As we explained in a previous blog post, induction stovetops heat food in a way that is much different than the traditional method employed by radiant stoves. Induction ranges use magnetic energy to heat up pots and pans instead of transferring heat to them via an electric burner or gas flame. Because of this unique design, induction cooktops will only work with certain types of pots and pans. Read on to learn more about what you can and can’t cook with on an induction stovetop.
In order for an induction cooktop to heat up a pot or pan, the piece of cookware must be magnetic. This means that the pot or pan must contain iron. Cast iron, enamel cast iron and stainless steel crafted from iron are all magnetic metals commonly used in cookware. Nearly all pots and pans constructed from these materials will work perfectly on an induction range.
If a pot or pan does not contain iron, it will not become hot when you place it on an induction range. Aluminium, copper and glass are three of the most common non-magnetic and therefore non-compatible types of cookware. Unsure what your pots and pans are made of? You can test them with a magnet. Unless the magnet sticks the metal, you cannot use the piece of cookware on an induction range.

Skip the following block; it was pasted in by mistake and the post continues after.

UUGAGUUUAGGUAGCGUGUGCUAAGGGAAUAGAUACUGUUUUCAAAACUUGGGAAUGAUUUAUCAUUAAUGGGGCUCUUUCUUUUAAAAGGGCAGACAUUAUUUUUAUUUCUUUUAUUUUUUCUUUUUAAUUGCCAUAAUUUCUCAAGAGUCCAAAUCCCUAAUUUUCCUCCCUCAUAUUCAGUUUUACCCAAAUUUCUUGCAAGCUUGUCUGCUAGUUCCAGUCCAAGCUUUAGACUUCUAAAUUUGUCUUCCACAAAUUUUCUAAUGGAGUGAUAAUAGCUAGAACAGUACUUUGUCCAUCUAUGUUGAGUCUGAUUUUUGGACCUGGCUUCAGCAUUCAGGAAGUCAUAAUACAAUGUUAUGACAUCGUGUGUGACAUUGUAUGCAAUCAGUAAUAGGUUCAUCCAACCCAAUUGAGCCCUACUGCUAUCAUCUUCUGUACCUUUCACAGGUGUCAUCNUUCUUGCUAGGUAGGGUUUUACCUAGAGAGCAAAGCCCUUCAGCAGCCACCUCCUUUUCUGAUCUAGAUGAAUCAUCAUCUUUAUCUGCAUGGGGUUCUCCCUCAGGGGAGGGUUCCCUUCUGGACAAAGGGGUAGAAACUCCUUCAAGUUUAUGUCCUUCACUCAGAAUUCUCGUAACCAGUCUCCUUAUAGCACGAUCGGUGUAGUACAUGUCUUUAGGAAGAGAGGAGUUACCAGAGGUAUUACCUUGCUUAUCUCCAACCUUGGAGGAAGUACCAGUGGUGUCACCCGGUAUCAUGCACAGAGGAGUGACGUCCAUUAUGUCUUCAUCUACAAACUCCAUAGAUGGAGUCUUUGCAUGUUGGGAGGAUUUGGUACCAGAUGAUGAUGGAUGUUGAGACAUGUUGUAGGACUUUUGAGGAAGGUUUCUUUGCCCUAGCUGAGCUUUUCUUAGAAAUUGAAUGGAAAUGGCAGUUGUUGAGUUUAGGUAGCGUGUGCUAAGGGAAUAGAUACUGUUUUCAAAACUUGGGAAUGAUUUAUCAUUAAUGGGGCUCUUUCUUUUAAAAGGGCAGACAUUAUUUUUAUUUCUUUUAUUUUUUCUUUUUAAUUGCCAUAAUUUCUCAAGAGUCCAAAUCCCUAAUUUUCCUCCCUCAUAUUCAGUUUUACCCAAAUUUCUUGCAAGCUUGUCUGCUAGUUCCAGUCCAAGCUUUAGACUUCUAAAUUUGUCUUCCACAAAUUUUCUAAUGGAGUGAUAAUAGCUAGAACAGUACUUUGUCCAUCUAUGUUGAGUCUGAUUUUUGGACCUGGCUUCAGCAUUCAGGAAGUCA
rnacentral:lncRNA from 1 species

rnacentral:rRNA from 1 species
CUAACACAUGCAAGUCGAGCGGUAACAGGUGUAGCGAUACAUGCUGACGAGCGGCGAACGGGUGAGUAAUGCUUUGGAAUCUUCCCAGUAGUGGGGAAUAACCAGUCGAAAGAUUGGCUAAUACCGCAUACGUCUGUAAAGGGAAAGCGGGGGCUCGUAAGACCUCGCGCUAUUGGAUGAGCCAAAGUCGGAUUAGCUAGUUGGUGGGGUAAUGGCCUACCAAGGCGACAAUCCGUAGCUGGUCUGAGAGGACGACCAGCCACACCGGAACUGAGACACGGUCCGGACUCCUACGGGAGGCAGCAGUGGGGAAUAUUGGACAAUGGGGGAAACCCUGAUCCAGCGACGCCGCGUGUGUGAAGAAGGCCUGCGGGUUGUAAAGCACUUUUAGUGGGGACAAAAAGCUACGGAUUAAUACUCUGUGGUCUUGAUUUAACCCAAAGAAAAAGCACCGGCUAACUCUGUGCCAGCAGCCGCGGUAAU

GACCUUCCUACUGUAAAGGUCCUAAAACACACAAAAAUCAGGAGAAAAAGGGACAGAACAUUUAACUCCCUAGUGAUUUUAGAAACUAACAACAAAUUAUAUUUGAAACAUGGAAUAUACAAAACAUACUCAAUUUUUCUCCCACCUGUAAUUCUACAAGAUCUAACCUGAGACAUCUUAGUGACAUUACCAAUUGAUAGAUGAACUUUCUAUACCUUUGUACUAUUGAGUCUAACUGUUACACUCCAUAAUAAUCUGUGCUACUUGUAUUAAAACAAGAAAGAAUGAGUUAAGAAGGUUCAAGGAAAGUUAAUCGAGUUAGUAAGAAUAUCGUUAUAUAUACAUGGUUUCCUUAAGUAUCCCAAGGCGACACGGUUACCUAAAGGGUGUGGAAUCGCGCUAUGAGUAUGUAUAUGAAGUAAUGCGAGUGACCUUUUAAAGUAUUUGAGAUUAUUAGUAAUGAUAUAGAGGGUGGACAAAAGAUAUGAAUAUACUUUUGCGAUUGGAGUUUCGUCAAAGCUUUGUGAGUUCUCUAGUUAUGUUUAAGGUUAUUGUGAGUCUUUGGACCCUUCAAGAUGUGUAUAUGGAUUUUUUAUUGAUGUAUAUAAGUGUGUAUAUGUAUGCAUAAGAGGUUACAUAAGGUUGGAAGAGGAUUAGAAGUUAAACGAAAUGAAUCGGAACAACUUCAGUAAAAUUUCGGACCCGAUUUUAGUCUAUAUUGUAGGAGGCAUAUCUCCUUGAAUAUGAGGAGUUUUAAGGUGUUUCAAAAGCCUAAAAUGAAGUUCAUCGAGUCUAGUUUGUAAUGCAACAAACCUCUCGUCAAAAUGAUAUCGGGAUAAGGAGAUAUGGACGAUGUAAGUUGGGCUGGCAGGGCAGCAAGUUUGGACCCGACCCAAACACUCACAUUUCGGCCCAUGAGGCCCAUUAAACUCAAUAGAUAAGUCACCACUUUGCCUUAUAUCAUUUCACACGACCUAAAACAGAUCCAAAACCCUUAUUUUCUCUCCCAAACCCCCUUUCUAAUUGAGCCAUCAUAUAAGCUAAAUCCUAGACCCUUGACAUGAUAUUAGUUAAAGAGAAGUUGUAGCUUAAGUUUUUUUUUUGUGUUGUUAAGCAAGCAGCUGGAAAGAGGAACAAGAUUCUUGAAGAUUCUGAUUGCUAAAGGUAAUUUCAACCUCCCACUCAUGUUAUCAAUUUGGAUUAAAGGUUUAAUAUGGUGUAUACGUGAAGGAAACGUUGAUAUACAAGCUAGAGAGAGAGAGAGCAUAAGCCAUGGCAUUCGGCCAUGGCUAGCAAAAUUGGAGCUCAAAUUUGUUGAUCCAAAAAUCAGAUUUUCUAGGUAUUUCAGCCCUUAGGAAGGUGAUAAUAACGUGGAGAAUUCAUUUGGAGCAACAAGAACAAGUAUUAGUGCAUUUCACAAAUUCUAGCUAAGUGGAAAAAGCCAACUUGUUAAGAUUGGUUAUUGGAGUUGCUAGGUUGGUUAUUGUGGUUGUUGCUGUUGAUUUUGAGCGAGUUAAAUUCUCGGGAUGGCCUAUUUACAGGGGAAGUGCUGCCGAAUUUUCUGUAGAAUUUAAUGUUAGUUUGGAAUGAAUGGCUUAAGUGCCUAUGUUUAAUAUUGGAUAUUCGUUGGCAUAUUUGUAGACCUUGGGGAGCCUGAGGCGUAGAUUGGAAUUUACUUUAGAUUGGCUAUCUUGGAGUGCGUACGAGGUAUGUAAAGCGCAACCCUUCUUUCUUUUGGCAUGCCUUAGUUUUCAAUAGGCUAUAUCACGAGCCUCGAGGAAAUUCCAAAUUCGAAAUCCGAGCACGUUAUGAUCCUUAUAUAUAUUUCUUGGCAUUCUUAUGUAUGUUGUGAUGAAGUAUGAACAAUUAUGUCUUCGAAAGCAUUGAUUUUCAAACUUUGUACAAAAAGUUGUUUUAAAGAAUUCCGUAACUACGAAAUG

A Solution for Non-Compatible Cookware
The good news is that there is a way to convert non-magnetic cookware, so that it can be used on an induction cooktop. Induction rings can be purchased to place between the range and the pot or pan. The magnetized ring grows hot when you cook and then transfers the heat to the pot or pan. While this allows you to use any pot or pan on the stove, it does diminish some of the benefits of induction cooking, such as instant temperature control response.
If you’re finding that your induction stovetop doesn’t work with pots and pans that should be compatible, call us here at Matic Service. There could be a problem with your stovetop that requires servicing. We can troubleshoot the issue and make any necessary repairs to get your range working perfectly.